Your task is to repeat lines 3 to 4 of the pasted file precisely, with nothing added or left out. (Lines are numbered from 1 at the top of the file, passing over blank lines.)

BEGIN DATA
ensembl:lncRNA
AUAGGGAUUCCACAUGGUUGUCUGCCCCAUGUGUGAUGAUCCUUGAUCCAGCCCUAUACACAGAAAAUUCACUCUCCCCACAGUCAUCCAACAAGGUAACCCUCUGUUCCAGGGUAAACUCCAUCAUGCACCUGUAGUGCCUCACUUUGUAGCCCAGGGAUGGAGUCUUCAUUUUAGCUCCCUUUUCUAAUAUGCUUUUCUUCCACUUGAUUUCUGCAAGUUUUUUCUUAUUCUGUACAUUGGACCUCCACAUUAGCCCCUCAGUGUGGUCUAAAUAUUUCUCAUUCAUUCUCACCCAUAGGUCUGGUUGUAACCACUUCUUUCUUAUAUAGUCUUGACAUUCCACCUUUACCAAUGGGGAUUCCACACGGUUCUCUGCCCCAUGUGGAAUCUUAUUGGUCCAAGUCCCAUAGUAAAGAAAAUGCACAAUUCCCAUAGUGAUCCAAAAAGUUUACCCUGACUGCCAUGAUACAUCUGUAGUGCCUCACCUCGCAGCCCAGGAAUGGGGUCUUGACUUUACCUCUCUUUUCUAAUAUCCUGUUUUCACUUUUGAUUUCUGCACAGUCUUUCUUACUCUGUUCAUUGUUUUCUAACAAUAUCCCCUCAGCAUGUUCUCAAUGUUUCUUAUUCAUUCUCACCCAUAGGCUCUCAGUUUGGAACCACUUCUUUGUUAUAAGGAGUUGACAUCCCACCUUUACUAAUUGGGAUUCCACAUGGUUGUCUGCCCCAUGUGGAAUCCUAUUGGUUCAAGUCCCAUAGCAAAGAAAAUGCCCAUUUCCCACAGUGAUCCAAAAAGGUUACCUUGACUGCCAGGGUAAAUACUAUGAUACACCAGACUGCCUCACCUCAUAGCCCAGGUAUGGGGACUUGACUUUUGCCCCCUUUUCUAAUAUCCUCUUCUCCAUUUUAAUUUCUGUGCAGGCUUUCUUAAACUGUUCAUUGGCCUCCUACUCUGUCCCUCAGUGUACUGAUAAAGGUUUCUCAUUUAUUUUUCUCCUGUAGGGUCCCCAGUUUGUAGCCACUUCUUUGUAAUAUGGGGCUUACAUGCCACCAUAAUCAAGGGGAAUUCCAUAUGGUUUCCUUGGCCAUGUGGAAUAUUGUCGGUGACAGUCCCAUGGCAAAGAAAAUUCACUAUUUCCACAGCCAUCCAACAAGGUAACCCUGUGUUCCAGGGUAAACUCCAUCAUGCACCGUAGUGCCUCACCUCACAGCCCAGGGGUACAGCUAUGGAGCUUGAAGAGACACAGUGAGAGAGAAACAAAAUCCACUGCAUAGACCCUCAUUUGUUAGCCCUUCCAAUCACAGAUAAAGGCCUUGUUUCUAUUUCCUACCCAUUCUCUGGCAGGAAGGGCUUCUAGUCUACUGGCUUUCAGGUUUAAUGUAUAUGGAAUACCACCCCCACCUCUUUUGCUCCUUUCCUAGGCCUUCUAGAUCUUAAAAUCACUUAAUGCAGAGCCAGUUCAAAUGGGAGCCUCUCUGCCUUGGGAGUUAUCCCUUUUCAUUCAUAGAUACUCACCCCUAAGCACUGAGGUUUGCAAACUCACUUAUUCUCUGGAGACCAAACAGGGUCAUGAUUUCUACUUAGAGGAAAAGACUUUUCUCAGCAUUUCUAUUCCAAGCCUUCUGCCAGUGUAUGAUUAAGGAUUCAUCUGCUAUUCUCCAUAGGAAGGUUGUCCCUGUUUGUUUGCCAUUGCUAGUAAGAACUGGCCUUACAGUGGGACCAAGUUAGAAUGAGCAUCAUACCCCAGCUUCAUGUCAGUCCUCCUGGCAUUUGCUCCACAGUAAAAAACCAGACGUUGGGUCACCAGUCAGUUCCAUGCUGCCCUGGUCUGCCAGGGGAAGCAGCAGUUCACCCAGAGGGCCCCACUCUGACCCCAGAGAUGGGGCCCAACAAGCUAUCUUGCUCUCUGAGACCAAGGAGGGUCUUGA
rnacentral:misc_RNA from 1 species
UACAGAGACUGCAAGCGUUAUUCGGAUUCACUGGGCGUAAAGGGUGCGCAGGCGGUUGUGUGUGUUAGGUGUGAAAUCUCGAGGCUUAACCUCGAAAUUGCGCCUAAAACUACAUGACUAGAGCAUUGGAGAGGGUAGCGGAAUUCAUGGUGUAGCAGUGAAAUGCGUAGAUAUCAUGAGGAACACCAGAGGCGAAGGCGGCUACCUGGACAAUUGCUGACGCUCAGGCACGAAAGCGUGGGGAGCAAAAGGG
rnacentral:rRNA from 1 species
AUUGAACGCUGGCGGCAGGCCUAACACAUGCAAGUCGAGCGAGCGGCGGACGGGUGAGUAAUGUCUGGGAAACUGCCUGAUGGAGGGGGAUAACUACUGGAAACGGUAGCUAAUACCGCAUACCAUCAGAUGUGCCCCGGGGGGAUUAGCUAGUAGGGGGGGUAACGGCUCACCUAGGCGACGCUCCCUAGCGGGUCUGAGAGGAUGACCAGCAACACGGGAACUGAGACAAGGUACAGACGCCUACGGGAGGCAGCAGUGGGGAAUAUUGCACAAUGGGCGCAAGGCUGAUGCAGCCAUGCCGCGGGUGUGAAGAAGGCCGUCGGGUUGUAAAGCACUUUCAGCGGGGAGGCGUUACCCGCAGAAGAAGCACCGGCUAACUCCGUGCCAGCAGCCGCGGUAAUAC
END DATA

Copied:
rnacentral:misc_RNA from 1 species
UACAGAGACUGCAAGCGUUAUUCGGAUUCACUGGGCGUAAAGGGUGCGCAGGCGGUUGUGUGUGUUAGGUGUGAAAUCUCGAGGCUUAACCUCGAAAUUGCGCCUAAAACUACAUGACUAGAGCAUUGGAGAGGGUAGCGGAAUUCAUGGUGUAGCAGUGAAAUGCGUAGAUAUCAUGAGGAACACCAGAGGCGAAGGCGGCUACCUGGACAAUUGCUGACGCUCAGGCACGAAAGCGUGGGGAGCAAAAGGG